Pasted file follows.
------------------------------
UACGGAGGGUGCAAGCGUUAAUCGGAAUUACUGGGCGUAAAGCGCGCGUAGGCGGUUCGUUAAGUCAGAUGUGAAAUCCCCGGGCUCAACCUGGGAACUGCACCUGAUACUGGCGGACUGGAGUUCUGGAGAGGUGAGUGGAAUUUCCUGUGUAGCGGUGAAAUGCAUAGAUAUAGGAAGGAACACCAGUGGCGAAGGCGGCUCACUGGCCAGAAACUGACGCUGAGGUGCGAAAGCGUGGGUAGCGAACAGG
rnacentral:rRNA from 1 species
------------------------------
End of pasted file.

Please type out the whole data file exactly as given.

UACGGAGGGUGCAAGCGUUAAUCGGAAUUACUGGGCGUAAAGCGCGCGUAGGCGGUUCGUUAAGUCAGAUGUGAAAUCCCCGGGCUCAACCUGGGAACUGCACCUGAUACUGGCGGACUGGAGUUCUGGAGAGGUGAGUGGAAUUUCCUGUGUAGCGGUGAAAUGCAUAGAUAUAGGAAGGAACACCAGUGGCGAAGGCGGCUCACUGGCCAGAAACUGACGCUGAGGUGCGAAAGCGUGGGUAGCGAACAGG
rnacentral:rRNA from 1 species